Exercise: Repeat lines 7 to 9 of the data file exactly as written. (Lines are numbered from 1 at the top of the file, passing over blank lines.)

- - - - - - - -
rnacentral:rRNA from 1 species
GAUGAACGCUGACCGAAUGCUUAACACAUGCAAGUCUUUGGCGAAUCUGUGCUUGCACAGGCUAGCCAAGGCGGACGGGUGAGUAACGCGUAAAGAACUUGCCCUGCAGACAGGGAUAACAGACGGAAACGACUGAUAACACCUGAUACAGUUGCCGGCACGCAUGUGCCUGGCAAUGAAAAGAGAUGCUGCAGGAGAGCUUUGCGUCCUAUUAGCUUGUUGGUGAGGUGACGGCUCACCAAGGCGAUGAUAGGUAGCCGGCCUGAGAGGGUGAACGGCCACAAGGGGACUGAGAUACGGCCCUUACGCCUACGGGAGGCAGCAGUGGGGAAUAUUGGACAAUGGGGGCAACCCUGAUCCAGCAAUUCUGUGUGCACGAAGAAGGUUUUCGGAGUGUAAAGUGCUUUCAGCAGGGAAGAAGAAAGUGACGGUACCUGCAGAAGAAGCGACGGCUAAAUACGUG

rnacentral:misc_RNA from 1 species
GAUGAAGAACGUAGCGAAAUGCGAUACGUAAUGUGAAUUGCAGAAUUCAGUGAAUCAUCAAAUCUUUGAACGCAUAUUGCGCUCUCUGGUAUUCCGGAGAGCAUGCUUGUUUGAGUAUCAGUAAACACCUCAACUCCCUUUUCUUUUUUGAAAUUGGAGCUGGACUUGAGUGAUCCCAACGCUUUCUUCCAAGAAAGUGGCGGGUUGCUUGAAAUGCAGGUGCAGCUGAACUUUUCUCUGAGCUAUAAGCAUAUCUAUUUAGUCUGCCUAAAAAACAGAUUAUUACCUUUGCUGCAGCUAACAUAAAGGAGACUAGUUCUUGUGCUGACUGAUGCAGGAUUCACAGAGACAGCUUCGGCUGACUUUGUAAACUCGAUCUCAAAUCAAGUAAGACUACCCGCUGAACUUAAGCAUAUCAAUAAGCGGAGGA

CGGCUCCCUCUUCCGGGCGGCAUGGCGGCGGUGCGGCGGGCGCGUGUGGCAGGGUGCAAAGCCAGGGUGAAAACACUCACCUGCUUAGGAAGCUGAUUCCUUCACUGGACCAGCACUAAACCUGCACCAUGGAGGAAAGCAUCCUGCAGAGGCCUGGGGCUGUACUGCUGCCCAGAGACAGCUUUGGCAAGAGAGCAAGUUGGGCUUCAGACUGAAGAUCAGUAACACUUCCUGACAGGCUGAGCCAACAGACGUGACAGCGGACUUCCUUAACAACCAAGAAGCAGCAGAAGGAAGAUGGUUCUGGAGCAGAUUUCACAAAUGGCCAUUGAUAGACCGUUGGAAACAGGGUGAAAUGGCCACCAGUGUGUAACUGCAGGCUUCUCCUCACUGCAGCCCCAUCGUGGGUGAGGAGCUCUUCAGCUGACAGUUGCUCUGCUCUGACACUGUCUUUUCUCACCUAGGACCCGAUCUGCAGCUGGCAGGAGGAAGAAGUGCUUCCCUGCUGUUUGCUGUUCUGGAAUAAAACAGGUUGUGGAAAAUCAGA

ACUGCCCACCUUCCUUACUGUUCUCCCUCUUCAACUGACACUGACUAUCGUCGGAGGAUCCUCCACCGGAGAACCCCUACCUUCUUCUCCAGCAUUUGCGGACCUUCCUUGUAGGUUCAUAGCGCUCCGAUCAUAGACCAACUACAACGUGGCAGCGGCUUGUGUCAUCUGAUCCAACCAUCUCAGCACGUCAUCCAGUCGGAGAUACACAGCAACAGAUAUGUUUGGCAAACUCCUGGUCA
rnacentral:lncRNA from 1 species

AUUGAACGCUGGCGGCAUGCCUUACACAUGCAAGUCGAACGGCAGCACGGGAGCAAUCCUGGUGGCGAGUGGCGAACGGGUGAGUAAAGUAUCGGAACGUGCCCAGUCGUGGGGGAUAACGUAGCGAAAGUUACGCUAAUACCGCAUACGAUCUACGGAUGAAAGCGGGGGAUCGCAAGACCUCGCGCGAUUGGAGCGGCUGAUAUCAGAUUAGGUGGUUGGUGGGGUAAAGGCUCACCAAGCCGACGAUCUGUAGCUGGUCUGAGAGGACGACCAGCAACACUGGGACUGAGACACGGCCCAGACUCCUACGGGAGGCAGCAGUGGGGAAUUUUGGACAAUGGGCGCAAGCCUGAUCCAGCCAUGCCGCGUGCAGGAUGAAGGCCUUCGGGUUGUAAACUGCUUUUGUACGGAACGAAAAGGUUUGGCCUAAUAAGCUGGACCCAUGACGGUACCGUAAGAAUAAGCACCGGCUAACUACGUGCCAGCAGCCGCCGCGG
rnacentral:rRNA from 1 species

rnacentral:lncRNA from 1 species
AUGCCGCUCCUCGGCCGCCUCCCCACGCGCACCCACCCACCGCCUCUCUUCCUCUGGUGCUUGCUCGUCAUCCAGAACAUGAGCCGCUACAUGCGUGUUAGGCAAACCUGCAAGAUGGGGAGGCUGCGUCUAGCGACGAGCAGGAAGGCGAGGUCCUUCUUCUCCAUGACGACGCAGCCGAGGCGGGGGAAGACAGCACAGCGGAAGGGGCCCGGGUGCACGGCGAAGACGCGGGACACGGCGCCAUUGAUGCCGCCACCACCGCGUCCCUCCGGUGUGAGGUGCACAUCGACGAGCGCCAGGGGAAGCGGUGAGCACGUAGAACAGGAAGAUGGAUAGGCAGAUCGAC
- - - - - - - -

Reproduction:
rnacentral:lncRNA from 1 species

AUUGAACGCUGGCGGCAUGCCUUACACAUGCAAGUCGAACGGCAGCACGGGAGCAAUCCUGGUGGCGAGUGGCGAACGGGUGAGUAAAGUAUCGGAACGUGCCCAGUCGUGGGGGAUAACGUAGCGAAAGUUACGCUAAUACCGCAUACGAUCUACGGAUGAAAGCGGGGGAUCGCAAGACCUCGCGCGAUUGGAGCGGCUGAUAUCAGAUUAGGUGGUUGGUGGGGUAAAGGCUCACCAAGCCGACGAUCUGUAGCUGGUCUGAGAGGACGACCAGCAACACUGGGACUGAGACACGGCCCAGACUCCUACGGGAGGCAGCAGUGGGGAAUUUUGGACAAUGGGCGCAAGCCUGAUCCAGCCAUGCCGCGUGCAGGAUGAAGGCCUUCGGGUUGUAAACUGCUUUUGUACGGAACGAAAAGGUUUGGCCUAAUAAGCUGGACCCAUGACGGUACCGUAAGAAUAAGCACCGGCUAACUACGUGCCAGCAGCCGCCGCGG
rnacentral:rRNA from 1 species